Welcome to my report on the Eden Project Marathon 2016.
Last Sunday (16th October 2016) I ran the Eden Project Marathon. It was my second time at it, and this time I was going “covert.” The first time I ran it dressed as Batman alongside a friend dressed as Robin, and I fooled myself into thinking I was running it easily. It still clobbered me as it is a tricky course with a variety of climbs and a good mix of trail and tarmac. This time I was dressed as a runner, but not as a marathon runner, no, this time I was dressed as an ultra runner and playing around with a new hydration/nutrition strategy. I had my smallest pack on, and was carrying a litre of water and all the food I would need for the race.
Not only was I trying a new hydration strategy, but my new coach had set me a very specific pacing strategy too. It would be a test, and my ability to adhere to the pacing strategy would give him a good view of my conditioning. Ah what fun 😉
I was really looking forward to it, and while I would not normally condone trying new things on race day, this was different for me. The Eden Project Marathon was a race that I was looking forward to and wanted to enjoy, but it was just a “training” race for me so I had some leeway for trying new things.
The race itself usually fields 200 to 300 people with the usual wide spread of finishing times, and it is a pretty friendly affair. Friends and family of competitors are allowed in to the Eden Project for free on race day which gives it a good atmosphere. When you finally cross the finish line not only do you get a tech-T and a small medal, but you also get a pasty and a tin of Tribute (Cornish beer.) What more could you want? 🙂
The marathon course is a figure eight with the start/finish being at the bottom. There is also a half marathon which uses just the bottom loop of the figure-8 and starts half an hour after the marathon. The half marathon course has a small amount of trail on it, but the majority of the mud and the technicality is in the top loop, which only the marathon runners get to see.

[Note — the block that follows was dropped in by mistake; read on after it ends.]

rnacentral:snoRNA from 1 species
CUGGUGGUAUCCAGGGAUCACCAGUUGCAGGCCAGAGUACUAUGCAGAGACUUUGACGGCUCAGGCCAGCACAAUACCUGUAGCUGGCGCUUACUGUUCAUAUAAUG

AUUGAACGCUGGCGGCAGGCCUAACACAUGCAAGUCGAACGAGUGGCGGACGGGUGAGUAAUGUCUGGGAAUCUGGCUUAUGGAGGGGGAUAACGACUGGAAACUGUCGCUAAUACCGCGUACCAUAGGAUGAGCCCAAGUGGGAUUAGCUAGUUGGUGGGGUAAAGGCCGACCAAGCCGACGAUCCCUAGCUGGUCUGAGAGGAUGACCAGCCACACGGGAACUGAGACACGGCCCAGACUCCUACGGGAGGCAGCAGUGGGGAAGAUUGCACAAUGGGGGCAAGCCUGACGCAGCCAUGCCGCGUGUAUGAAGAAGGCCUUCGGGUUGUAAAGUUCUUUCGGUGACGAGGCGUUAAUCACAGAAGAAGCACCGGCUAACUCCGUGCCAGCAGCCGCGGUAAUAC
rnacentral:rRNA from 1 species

My pacing strategy for the day was heart rate bsed, after my recent lactate threshold testing, and I would be starting slow and finishing fast. It can be summed up as zone 2 -> zone 3 -> Whatever is left.
As we started I had one eye glued to my heart rate monitor and the other on the road. To stay in zone 2 I was dismayed to see that I was so slow everyone was pulling away from me. I started near the front and for more than the next hour I had to bottle my ego as lots of people ran off. The route was mostly tarmac with a small amount of muddy trail and as I ran into the top loop I was pleased to see that it was time to shift up a gear.
The top loop is significantly more technical than the bottom loop and when I looked at the data afterwards I can see that even though my heart rate was higher my pace was a little bit slower for the next couple of hours. It was a fun section of the route though and I only had one slip. It was a painful one though. Both my feet slipped as I was climbing over a stile and both shins slammed forward into the wooden bar running across the middle. I continued with blood slowly oozing down my legs. Ah well, it happens.